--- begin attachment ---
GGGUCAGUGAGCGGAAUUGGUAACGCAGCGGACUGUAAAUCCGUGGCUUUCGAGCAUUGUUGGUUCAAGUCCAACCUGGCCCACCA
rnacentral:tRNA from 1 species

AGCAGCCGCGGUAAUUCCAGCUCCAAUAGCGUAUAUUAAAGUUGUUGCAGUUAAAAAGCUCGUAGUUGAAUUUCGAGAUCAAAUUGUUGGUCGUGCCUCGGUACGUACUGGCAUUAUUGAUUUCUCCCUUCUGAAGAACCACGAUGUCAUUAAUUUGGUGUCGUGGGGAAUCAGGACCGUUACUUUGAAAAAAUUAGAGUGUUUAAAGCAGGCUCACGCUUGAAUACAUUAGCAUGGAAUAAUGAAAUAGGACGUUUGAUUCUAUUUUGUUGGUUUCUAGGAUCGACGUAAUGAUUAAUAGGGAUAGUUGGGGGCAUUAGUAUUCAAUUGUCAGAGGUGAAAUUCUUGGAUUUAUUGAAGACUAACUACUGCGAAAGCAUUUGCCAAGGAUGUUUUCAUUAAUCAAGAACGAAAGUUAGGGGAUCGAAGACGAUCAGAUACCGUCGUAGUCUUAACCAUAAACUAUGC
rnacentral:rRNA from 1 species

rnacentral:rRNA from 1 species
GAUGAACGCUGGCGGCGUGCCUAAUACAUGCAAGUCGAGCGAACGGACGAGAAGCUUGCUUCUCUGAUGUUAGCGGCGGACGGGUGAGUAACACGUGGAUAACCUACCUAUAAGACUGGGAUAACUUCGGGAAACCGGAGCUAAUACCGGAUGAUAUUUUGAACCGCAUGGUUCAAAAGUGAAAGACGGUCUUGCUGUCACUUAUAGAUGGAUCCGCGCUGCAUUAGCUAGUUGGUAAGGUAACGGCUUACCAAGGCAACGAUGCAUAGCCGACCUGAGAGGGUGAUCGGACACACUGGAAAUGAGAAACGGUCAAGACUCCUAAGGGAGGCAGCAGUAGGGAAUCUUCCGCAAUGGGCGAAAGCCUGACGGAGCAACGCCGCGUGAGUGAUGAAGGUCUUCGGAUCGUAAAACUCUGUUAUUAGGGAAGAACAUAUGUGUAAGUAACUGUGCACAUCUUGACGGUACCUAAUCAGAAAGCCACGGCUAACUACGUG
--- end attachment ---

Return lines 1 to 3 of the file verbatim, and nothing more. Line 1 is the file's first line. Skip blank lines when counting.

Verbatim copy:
GGGUCAGUGAGCGGAAUUGGUAACGCAGCGGACUGUAAAUCCGUGGCUUUCGAGCAUUGUUGGUUCAAGUCCAACCUGGCCCACCA
rnacentral:tRNA from 1 species

AGCAGCCGCGGUAAUUCCAGCUCCAAUAGCGUAUAUUAAAGUUGUUGCAGUUAAAAAGCUCGUAGUUGAAUUUCGAGAUCAAAUUGUUGGUCGUGCCUCGGUACGUACUGGCAUUAUUGAUUUCUCCCUUCUGAAGAACCACGAUGUCAUUAAUUUGGUGUCGUGGGGAAUCAGGACCGUUACUUUGAAAAAAUUAGAGUGUUUAAAGCAGGCUCACGCUUGAAUACAUUAGCAUGGAAUAAUGAAAUAGGACGUUUGAUUCUAUUUUGUUGGUUUCUAGGAUCGACGUAAUGAUUAAUAGGGAUAGUUGGGGGCAUUAGUAUUCAAUUGUCAGAGGUGAAAUUCUUGGAUUUAUUGAAGACUAACUACUGCGAAAGCAUUUGCCAAGGAUGUUUUCAUUAAUCAAGAACGAAAGUUAGGGGAUCGAAGACGAUCAGAUACCGUCGUAGUCUUAACCAUAAACUAUGC